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Feedback at work

Giving and Receiving Feedback to Develop your Organization

  • 15 March 2013
  • Posted by Marcella Bremer

Why is it so hard to give feedback? Why do we hesitate to say what we think? Why do we stay silent when we’d be more effective if we spoke up? There are many reasons and yet they can be summarized in two words: fear and culture.

Personal Fears

Firstly, many people have grown accustomed to their personal fears, based on earlier experiences with parents, teachers, neighbors, peers and elders. We’ve been criticized. We’ve been told we were no good - or we couldn’t do something. We’ve been hurt and felt incompetent and insecure and not worthy. We’ve internalized some of these voices - and now we live with this inner critic. The worst criticism may well come from inside our own heads, resulting in negative self-speak. It’s this inner dialogue that feeds our fears - fears of not being worthy, of being found out as a fraud, of being excluded, laughed at, mocked.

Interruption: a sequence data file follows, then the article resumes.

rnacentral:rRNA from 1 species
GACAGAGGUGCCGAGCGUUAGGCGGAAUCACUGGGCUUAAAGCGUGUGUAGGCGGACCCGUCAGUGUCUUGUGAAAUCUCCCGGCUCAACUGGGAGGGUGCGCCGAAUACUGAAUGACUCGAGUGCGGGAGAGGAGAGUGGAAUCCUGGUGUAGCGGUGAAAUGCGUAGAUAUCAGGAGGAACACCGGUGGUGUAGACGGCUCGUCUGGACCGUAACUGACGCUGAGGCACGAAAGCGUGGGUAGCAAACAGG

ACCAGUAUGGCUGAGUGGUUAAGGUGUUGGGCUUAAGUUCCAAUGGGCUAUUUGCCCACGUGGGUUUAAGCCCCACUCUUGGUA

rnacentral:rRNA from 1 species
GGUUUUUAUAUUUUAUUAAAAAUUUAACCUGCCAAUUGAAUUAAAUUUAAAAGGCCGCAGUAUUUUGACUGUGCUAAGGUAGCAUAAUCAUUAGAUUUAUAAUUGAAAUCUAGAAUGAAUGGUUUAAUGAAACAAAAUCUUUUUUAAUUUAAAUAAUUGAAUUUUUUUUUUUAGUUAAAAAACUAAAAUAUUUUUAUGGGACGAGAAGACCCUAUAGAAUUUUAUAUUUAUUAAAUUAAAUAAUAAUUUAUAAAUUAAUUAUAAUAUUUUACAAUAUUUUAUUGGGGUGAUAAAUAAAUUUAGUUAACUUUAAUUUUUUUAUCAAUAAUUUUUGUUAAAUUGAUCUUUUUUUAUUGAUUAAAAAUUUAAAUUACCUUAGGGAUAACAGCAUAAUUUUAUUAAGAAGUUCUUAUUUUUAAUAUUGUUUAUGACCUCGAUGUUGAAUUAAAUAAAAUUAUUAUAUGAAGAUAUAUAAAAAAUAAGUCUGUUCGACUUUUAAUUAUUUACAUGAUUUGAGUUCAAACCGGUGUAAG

This fear is keeping us from speaking up. It’s safer to remain silent than to be exposed to the judgement of others - and to get hurt again. Next, if we don’t give feedback, then the others will surely leave us in peace, too. And because most people don’t take this old-fashioned, blunt feedback (or criticism) very well - you might unleash an uncontrollable eruption of negative emotions and effects - damaging the relationship and your own perspectives.

Collective role play: Culture!